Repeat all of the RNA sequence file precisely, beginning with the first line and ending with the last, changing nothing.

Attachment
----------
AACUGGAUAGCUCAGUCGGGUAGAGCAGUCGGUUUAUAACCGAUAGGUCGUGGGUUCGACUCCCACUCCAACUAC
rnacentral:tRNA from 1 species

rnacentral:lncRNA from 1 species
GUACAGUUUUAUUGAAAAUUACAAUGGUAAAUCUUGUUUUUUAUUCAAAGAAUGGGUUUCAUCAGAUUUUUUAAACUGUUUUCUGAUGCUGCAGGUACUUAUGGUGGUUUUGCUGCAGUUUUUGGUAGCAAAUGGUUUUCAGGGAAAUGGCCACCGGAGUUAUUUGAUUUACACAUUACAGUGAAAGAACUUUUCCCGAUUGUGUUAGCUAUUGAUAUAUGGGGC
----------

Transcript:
AACUGGAUAGCUCAGUCGGGUAGAGCAGUCGGUUUAUAACCGAUAGGUCGUGGGUUCGACUCCCACUCCAACUAC
rnacentral:tRNA from 1 species

rnacentral:lncRNA from 1 species
GUACAGUUUUAUUGAAAAUUACAAUGGUAAAUCUUGUUUUUUAUUCAAAGAAUGGGUUUCAUCAGAUUUUUUAAACUGUUUUCUGAUGCUGCAGGUACUUAUGGUGGUUUUGCUGCAGUUUUUGGUAGCAAAUGGUUUUCAGGGAAAUGGCCACCGGAGUUAUUUGAUUUACACAUUACAGUGAAAGAACUUUUCCCGAUUGUGUUAGCUAUUGAUAUAUGGGGC